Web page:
As the Lead of AI for Missions (AI4M) at CSIRO’s Data61, Olivier Salvado is at the helm of accelerating technology and AI’s impact in tackling global challenges. Operating at the epicentre of technological progress, he says AI is set to revolutionise science and engineering within Australia, and globally. 

“Designing drugs, new materials and processes will become much more accurate and much faster as we rely more on learning from data, complementing physics-based approach and experimentation,” Olivier says.

“With enough of the right data, a computer will come up with a candidate of compounds for a particular disease. The speed at which we developed the vaccines for COVID is an example of how AI can help accelerate the development of medical technologies.”

And while the incredible outcomes AI enables are one thing, making sure the technology is harnessed ethically is another.

Transformation of this scale and importance requires leaders who are equipped to make this discission for maximum impact. And with a doctorate in biomedical engineering, decades of technical experience and an MBA (Executive) from AGSM @ UNSW Business School, Olivier is the right person for the role. 

Tackling Australia’s biggest challenges through AI 

In 2018, the CSIRO identified 12 missions to address Australia’s biggest challenges – from drought resilience and ending plastic waste, to supporting net zero carbon goals and building infectious disease resilience. The organisation also developed three AI programs that help power these missions. 

The Reinvent Science program explores how AI can advance scientific discovery. The Future Digital Manufacturing program aims to boost Australia’s manufacturing competitiveness and resilience through AI and technology. 

Olivier’s program, AI4M, supports CSIRO’s missions by developing new AI technologies through funding new projects, working in collaboration with the National AI Centre and nurturing AI talent through scholarships and graduate programs. 

As Lead, Olivier is responsible for organising and managing the projects and their funding and assessing their development. 

“My role is to identify and develop the AI research activities that support CSIRO’s missions, I’m also involved in lots of joint projects, networking discussions and workshopping,” Olivier says.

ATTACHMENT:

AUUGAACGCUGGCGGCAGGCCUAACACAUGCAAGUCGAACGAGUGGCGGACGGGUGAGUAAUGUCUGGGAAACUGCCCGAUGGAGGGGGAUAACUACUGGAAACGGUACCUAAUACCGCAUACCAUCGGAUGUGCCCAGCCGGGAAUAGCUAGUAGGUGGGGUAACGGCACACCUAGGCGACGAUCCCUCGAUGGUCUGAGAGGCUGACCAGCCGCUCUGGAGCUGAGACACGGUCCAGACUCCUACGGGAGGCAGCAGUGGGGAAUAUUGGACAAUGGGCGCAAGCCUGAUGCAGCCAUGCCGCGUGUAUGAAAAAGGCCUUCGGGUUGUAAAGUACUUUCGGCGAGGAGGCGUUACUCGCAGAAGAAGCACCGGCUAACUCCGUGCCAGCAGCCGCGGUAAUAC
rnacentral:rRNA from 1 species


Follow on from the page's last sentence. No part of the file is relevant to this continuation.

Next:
“We want to leverage our investments to bring in organisations from outside CSIRO, so I’m also involved in developing key partnerships with government, technology companies and universities.”

As a highly technical and analytical person, developing authentic relationships is critical for Olivier as part of his role and his AGSM MBA gave him the tools and frameworks to build these communication skills.

“It’s an area I’m still working on, but the MBA Executive program and my fellow students taught me a lot – things like the importance of active listening. It’s something I now practice every day, and it has helped me become a better leader.”

The role of ethics in technology

Today, science and technology are well ahead of potential application – and regulation. Yet accessing emerging technologies has never been easier. And this is the source of much of the ethical dilemma that scientists and leaders like Olivier face.

“Everything that can be harmful in society is regulated. You can’t drive a car, fly a plane or buy a weapon without necessary certification. But that’s not the case when it comes to technology for some applications.”

As AI continues to progress and regulation lags, the role of ethics in technology is increasingly important. But it’s been difficult to develop a robust, formalised ethical assessment framework.

“There are many steps between research and an actual product. And every step is susceptible to ethical issues. We need to identify the different principles that are important for every step and have a framework that allows innovation – but at the same time identifies, if not addresses, those ethical issues.”